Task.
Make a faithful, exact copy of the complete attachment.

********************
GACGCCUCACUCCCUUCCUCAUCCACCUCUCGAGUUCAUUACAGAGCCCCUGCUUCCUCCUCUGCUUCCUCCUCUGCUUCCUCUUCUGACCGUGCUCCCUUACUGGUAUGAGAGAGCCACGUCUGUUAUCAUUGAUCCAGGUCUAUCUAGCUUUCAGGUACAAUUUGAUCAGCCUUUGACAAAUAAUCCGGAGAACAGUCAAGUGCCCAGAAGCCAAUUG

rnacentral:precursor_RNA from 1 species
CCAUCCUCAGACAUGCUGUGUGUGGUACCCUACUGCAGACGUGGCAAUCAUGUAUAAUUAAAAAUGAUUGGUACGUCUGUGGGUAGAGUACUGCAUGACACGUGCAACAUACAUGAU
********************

GACGCCUCACUCCCUUCCUCAUCCACCUCUCGAGUUCAUUACAGAGCCCCUGCUUCCUCCUCUGCUUCCUCCUCUGCUUCCUCUUCUGACCGUGCUCCCUUACUGGUAUGAGAGAGCCACGUCUGUUAUCAUUGAUCCAGGUCUAUCUAGCUUUCAGGUACAAUUUGAUCAGCCUUUGACAAAUAAUCCGGAGAACAGUCAAGUGCCCAGAAGCCAAUUG

rnacentral:precursor_RNA from 1 species
CCAUCCUCAGACAUGCUGUGUGUGGUACCCUACUGCAGACGUGGCAAUCAUGUAUAAUUAAAAAUGAUUGGUACGUCUGUGGGUAGAGUACUGCAUGACACGUGCAACAUACAUGAU